New Delhi [India], Nov. 26 : With the Chief Justice of India (CJI) TS Thakur lashing out at the Centre yet again over the prolonged row on judges appointment, the Congress on Saturday extended its full support to the top jurist saying what choice did he have but make a noise over the issue since the Centre had turned a deaf ear to his pleas.
Speaking to ANI here, Congress leader Abhishek Manu Singhvi said that Thakur's views were not personal since he spoke as the head of an institution, adding that the judiciary was helpless because even though it has vast powers, the actualisation of those powers and directives depends on the executive government.
"33 per cent of the lower judiciary is vacant. 40 per cent of the High Court judiciary is vacant. This is vacancy within the 13 judges per million of population ration that we have, which is by the way one of the lowest in the world.
It should be 50 judges per million. So within the 13, which is much lower than the desirable 50, we have such vacancies. What is the Chief Justice to do except speak, shout, lament? But the government seems to have deaf ears," Singhvi said, asserting that it was totally unacceptable, whatever be the reason that over 400 to 500 judges' posts are vacant.
Earlier today, CJI Thakur emphasised that the Prime Minister Narendra Modi-led government's attitude was lackadaisical from the very issue of filling vacancies to providing adequate infrastructure.
Stating that there are 500 judges' posts lying vacant in High Courts, Thakur said that courtrooms are lying vacant without judges.
He further said that in principle, the judiciary was not against the formation of Tribunals because it would relieve court duties, but the problem arose from the lack of adequate infrastructure provided to the Tribunals.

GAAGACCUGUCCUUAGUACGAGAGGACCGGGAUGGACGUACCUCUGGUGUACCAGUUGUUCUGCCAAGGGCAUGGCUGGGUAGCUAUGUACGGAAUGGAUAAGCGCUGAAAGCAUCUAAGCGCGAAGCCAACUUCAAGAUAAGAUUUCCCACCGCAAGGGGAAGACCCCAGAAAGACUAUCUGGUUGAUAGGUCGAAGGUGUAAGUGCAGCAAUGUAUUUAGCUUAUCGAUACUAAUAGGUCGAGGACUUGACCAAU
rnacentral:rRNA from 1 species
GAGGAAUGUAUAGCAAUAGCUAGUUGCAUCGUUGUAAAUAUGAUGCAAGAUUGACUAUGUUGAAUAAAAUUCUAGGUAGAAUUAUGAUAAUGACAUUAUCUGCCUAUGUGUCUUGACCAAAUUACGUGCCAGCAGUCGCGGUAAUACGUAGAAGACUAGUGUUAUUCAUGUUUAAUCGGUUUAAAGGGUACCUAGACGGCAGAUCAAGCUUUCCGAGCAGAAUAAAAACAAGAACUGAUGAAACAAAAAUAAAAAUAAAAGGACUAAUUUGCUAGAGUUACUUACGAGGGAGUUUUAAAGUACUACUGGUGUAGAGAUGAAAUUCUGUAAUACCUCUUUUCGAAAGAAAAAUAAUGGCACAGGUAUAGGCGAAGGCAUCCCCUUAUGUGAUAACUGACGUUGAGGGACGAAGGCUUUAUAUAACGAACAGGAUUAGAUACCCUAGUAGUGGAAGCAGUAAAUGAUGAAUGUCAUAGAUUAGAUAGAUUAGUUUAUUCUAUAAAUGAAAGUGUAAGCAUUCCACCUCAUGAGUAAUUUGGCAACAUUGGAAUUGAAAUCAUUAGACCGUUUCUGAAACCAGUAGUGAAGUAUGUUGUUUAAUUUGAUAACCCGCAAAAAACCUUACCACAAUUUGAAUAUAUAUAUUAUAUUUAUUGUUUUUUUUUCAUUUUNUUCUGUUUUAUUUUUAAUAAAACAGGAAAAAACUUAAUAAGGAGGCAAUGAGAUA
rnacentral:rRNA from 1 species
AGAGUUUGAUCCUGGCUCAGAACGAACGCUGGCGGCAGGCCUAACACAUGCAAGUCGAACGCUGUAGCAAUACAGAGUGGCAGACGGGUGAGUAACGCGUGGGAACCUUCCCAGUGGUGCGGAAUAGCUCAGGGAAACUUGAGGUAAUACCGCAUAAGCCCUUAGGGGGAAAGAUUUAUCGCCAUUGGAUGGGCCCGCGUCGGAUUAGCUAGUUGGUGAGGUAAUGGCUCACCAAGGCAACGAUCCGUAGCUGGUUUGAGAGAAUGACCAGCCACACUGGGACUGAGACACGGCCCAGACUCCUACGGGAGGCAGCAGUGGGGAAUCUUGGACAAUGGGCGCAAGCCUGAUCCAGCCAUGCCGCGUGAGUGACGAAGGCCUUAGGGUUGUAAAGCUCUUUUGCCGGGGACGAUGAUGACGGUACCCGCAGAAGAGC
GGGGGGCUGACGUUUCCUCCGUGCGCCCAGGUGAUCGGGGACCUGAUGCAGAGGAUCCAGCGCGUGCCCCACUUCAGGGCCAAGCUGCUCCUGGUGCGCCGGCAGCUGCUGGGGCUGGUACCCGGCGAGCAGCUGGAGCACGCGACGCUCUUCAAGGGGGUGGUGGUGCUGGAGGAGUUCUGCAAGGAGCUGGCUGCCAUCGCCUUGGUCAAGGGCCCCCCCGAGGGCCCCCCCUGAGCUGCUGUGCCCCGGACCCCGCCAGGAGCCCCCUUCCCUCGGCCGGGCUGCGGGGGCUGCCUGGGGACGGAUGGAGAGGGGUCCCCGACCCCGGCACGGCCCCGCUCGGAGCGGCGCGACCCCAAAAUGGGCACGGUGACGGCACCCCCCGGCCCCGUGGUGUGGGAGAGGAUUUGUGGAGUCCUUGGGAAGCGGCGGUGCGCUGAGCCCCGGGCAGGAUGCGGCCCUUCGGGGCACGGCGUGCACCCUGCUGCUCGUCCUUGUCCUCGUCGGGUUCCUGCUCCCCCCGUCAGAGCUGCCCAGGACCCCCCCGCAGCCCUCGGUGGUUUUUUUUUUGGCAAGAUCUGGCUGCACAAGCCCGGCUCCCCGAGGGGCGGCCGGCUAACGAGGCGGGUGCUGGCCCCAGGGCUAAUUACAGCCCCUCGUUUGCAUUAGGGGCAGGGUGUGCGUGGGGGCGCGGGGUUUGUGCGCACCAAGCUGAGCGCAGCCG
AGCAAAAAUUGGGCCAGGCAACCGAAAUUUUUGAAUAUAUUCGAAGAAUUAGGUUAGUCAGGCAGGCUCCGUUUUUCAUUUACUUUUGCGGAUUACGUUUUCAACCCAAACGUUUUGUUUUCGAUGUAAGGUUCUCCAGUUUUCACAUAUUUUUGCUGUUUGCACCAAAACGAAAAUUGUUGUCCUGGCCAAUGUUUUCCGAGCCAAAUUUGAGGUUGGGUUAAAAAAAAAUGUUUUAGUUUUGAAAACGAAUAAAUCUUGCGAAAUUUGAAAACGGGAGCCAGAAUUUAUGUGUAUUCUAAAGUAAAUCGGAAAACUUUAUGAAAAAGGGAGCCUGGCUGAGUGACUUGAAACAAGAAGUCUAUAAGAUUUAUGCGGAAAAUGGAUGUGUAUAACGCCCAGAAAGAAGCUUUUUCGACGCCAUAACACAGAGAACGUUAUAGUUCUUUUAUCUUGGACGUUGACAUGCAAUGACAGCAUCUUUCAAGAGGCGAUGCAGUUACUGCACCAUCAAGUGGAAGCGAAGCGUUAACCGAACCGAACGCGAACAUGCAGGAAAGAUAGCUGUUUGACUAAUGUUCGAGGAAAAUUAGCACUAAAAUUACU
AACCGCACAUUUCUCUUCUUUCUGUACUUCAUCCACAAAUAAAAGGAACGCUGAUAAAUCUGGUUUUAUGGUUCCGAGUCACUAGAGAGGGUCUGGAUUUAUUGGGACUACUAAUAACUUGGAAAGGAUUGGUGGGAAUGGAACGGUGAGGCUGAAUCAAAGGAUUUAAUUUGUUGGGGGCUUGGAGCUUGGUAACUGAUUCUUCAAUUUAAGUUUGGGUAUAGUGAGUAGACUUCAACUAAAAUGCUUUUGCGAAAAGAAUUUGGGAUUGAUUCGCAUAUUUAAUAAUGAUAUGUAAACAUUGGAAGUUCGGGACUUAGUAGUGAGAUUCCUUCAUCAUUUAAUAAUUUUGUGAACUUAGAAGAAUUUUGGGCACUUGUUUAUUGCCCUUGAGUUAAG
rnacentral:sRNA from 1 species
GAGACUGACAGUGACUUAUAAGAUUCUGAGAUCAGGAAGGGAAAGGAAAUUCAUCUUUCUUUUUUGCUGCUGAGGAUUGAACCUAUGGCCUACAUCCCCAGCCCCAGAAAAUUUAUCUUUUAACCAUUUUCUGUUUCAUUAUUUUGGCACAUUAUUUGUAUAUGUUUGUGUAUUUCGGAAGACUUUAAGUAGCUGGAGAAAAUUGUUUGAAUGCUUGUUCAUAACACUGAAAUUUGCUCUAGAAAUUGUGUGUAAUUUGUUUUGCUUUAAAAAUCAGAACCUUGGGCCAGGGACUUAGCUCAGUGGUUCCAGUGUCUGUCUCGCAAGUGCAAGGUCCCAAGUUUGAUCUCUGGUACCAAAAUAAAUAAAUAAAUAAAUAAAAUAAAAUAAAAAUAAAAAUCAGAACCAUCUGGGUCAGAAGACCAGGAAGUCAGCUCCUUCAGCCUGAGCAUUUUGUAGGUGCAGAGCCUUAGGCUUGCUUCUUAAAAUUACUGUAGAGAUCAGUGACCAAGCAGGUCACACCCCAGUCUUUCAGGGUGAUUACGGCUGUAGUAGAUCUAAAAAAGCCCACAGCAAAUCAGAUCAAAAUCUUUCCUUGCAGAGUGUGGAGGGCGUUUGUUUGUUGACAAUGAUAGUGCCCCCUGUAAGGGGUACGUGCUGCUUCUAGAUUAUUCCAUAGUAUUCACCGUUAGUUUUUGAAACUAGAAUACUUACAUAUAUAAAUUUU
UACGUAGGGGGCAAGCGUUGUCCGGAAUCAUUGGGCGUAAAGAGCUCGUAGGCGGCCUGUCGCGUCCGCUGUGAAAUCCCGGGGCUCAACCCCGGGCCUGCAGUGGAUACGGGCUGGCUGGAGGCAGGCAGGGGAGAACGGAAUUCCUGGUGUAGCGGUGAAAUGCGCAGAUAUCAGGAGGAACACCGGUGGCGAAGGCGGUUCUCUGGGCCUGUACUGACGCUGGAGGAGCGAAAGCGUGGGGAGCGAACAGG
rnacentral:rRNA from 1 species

"Tribunals are not equipped and are lying empty. Today a situation has come that when no retired Supreme Court judge wants to head the Tribunal. I am pained to send my retired colleagues there. Government is not ready to give proper facilities. Vacancy apart from infrastructure is a major concern for the Tribunal," Thakur said. Meanwhile, stating he "respectfully" disagrees with Thakur, Union Law and Justice Minister Ravi Shankar Prasad said the government has so far appointed 120 High Court judges, adding this is the second highest number of appointments in the history of the country's judicial system.
"We have got the highest regard for the CJI, but we respectfully disagree with him. This year we have made 120 appointments. This is the second highest after 121 were appointed in 2013. Since 1990 there had only been 80 appointments," Prasad, who was also present at the event, told the media later.
Prasad also said that the Supreme Court has failed to make the Memorandum of Procedure (MoP), a document to guide appointment of judges to higher judiciary, more transparent and reasonable despite repeated requests from the government.
"But for the larger issue of appointment is concerned, there is a Supreme Court decision of making the MoP more transparent, objective, reasonable, fair and the government's stand is pending for more than three months and we are yet to hear from the Supreme Court," he said.
Responding to Justice Thakur's claim that there is a lack of adequate infrastructure provided to the tribunals, Prasad said, "As far as infrastructure is concerned, it is a continuous process.
So many tribunal courts are there. But we need to understand that every retired Supreme Court judge cannot be given the same bungalow of the same size, there is land constraint also." The Centre and the top court have been at war since the Supreme Court struck down the National Judicial Appointments Commission (NJAC) Act, which was brought in to end more than 20-year-old practice of judges appointing judges under the collegium system, with government having no say in the process.